Plans for windfarm cabling in north Norfolk put on hold

Controversial proposals for the installation of an underground cable system which would run through 14 north Norfolk villages have been put on hold because of a late influx of objections to the scheme.

The plans from Dudgeon Offshore Wind Ltd, which were set to be discussed by North Norfolk District Council's development control committee on Thursday are for the construction of an underground cable system from Weybourne to Great Ryburgh.

They are part of a larger project, routing the cable to Little Dunham, near Swaffham, for the �1.3bn Dudgeon Offshore WindFarm which will be 32km off Cromer.

The cabling would enable connection onto the National Grid and would cross the public highway in 20 locations in north Norfolk, as well an Area of Outstanding Natural Beauty between Weybourne and Letheringsett, and the Glaven Valley and Great Ryburgh Conservation Areas.

Jo Medler, senior planning officer with the district council, said: 'We have had 16 last emails and objections, and issues have been raised which require further consideration.'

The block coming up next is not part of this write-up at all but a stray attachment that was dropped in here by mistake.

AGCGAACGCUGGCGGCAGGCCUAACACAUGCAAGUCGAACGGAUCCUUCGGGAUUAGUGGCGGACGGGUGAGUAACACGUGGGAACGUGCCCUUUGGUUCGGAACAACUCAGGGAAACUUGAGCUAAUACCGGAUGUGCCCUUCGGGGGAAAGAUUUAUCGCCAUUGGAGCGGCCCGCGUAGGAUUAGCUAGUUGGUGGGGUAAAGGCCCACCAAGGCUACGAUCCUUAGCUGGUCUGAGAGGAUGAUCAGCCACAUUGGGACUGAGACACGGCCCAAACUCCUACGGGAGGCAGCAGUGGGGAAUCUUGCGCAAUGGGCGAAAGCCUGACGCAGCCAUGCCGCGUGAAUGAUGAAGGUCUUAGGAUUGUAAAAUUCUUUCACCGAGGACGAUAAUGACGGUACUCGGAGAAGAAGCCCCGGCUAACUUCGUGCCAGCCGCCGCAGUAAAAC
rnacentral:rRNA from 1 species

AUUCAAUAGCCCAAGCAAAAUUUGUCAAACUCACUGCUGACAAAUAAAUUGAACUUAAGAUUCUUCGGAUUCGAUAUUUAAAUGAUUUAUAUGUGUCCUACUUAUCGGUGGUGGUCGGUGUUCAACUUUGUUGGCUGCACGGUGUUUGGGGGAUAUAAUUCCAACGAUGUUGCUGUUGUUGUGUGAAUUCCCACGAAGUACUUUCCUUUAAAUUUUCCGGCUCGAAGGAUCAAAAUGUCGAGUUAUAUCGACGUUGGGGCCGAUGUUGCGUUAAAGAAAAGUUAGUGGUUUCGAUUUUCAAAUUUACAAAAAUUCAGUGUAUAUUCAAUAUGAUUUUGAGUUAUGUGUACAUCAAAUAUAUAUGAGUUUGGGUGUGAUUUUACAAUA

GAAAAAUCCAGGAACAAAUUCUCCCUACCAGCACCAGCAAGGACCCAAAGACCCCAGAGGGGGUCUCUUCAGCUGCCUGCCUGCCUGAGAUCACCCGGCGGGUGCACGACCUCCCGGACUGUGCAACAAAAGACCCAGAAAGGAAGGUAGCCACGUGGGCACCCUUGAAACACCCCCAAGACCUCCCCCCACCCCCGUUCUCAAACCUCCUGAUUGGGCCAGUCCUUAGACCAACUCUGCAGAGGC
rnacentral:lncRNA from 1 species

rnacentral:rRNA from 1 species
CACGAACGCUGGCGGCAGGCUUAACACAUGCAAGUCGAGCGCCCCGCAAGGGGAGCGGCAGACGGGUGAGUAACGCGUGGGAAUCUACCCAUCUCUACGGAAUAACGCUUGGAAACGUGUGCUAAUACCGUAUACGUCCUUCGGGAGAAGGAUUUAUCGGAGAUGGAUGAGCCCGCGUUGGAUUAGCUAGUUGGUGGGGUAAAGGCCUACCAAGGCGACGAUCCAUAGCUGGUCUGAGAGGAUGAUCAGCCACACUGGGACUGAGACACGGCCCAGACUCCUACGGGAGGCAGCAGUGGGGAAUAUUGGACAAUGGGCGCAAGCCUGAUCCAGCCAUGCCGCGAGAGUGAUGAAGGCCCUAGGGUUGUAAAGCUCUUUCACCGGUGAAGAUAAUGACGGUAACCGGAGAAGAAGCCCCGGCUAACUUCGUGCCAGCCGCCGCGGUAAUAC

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The proposals have been amended to take consideration of the impact on farming land, drainage systems and site access, but there have still been objections from parish councils in Kelling, Gunthorpe, Fulmodeston, Stibbard and Ryburgh.

Warwick Energy, who are the green energy company overseeing the plans for the offshore windfarm, saw its application to build a substation at Little Dunham as part of the project, turned down by Breckland Council following widespread opposition from the community.

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Mark Petterson, project manager for the Dudgeon wind farm, said though that they hoped to lodge an appeal before Christmas.

'We are still very hopeful,' Mr Petterson said. 'We were surprised by the refusal and we don't think the grounds (for refusal) will stand up to much scrutiny. We don't want it to drag on, but we want to make sure it is a thorough document.'

Councillors rejected the sub station application following a tense three-hour meeting because of the harm it could do to the landscape

They felt the proposed landscaping, including an earth mound and extensive planting, would not outweigh the damage done.

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